According to the latest startup news, Google is all set to fund a New York City-based startup, Neverware, which can convert legacy computers into Chromebooks. The amount of funding is not confirmed yet, but it is likely to be more than the $6.5 million, it rose in the last round.
Initially, Neverware did not come up with the idea of converting old PCs into Chromebooks. In 2011, it focused only on converting old machines into virtual laptops. Neverware started with an ageing Dell machines running Windows 7.1, Microsoft’s modern operating system at that point in time. The startup brought this approach to public schools with some success. But, unfortunately, wasn’t able to install a central server in schools very well.
It was clear by 2015 that schools are migrating to Chromebooks, which are basically laptops that run on Google’s Chrome OS and all data resides in the cloud instead of any hard drive attached to the machine. One of the most notable features of Chrome OS is that it is a relatively lightweight operating system; thus, making it run well on inexpensive and low powered hardware. Neverware has developed an open-source version of this operating system, which is called as Chromium that can be easily installed on old PCs or MACs.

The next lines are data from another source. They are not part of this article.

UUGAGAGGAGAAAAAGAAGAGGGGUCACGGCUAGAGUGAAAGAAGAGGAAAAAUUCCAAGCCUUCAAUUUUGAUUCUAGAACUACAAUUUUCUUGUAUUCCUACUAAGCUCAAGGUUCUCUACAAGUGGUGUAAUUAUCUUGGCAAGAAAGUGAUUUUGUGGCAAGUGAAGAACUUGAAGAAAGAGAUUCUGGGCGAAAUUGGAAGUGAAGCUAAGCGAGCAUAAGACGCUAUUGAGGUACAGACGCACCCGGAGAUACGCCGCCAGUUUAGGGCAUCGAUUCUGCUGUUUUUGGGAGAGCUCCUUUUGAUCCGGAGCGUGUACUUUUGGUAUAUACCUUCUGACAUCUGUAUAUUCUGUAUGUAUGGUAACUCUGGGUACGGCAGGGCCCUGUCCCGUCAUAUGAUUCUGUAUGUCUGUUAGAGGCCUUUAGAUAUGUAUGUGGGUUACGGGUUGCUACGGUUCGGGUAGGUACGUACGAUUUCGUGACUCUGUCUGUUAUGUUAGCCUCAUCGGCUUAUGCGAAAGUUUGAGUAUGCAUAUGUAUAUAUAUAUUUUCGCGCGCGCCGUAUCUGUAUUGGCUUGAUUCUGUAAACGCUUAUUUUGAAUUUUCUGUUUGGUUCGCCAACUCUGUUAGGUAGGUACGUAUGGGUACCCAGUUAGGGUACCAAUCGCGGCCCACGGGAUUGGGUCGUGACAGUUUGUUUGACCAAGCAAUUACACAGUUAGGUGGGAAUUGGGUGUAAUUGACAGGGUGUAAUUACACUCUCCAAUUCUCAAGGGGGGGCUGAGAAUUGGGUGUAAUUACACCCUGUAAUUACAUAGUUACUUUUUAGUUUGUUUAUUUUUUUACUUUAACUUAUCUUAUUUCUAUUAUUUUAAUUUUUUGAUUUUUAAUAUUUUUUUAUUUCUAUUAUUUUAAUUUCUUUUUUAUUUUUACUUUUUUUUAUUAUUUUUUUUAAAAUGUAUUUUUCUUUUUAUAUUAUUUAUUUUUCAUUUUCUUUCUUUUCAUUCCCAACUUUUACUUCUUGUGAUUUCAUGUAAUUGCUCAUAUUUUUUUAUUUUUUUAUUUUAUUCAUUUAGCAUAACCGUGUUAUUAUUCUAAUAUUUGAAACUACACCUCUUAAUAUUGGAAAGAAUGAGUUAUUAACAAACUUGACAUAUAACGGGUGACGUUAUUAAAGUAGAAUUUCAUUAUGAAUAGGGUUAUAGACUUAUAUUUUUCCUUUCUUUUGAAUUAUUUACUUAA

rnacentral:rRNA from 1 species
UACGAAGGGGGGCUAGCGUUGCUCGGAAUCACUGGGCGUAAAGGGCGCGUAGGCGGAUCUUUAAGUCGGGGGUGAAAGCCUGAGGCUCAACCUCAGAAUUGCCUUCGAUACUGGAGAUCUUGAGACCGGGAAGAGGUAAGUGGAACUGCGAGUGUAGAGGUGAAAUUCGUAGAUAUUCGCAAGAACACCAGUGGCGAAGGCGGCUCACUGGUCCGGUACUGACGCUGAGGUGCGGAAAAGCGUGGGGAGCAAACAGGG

Also, CloudReady, one of the startup’s core products is built using the same technology using as Chrome OS. This new software has been very popular with the educational institution, where it has transformed several laptops and desktops at a low cost. Since CloudReady’s launch, over 1000 schools, across 50 states and 21 countries have used it to refurbish slow and discarded hardware, by converting them into Chromebooks.
Thanks to the investment from Google, Neverware is expected to expand in the enterprise market.
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